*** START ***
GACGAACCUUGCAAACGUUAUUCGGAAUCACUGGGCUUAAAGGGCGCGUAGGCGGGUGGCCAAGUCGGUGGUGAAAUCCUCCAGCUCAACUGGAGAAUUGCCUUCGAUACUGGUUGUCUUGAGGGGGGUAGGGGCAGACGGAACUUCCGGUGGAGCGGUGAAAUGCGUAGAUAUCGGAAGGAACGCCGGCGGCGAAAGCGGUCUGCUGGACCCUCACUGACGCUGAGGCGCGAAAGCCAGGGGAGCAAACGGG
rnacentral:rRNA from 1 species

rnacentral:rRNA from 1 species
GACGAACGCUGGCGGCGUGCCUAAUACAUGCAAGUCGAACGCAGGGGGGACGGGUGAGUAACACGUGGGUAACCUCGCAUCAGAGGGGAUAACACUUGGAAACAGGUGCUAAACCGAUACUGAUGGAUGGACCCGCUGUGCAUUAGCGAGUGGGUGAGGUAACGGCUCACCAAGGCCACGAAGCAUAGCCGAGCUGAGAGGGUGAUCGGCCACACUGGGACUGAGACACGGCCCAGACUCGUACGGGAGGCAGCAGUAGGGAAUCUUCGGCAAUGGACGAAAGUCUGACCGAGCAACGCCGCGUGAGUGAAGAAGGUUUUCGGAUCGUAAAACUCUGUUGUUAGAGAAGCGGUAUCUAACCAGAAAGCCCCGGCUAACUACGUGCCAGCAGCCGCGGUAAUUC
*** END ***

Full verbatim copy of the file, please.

GACGAACCUUGCAAACGUUAUUCGGAAUCACUGGGCUUAAAGGGCGCGUAGGCGGGUGGCCAAGUCGGUGGUGAAAUCCUCCAGCUCAACUGGAGAAUUGCCUUCGAUACUGGUUGUCUUGAGGGGGGUAGGGGCAGACGGAACUUCCGGUGGAGCGGUGAAAUGCGUAGAUAUCGGAAGGAACGCCGGCGGCGAAAGCGGUCUGCUGGACCCUCACUGACGCUGAGGCGCGAAAGCCAGGGGAGCAAACGGG
rnacentral:rRNA from 1 species

rnacentral:rRNA from 1 species
GACGAACGCUGGCGGCGUGCCUAAUACAUGCAAGUCGAACGCAGGGGGGACGGGUGAGUAACACGUGGGUAACCUCGCAUCAGAGGGGAUAACACUUGGAAACAGGUGCUAAACCGAUACUGAUGGAUGGACCCGCUGUGCAUUAGCGAGUGGGUGAGGUAACGGCUCACCAAGGCCACGAAGCAUAGCCGAGCUGAGAGGGUGAUCGGCCACACUGGGACUGAGACACGGCCCAGACUCGUACGGGAGGCAGCAGUAGGGAAUCUUCGGCAAUGGACGAAAGUCUGACCGAGCAACGCCGCGUGAGUGAAGAAGGUUUUCGGAUCGUAAAACUCUGUUGUUAGAGAAGCGGUAUCUAACCAGAAAGCCCCGGCUAACUACGUGCCAGCAGCCGCGGUAAUUC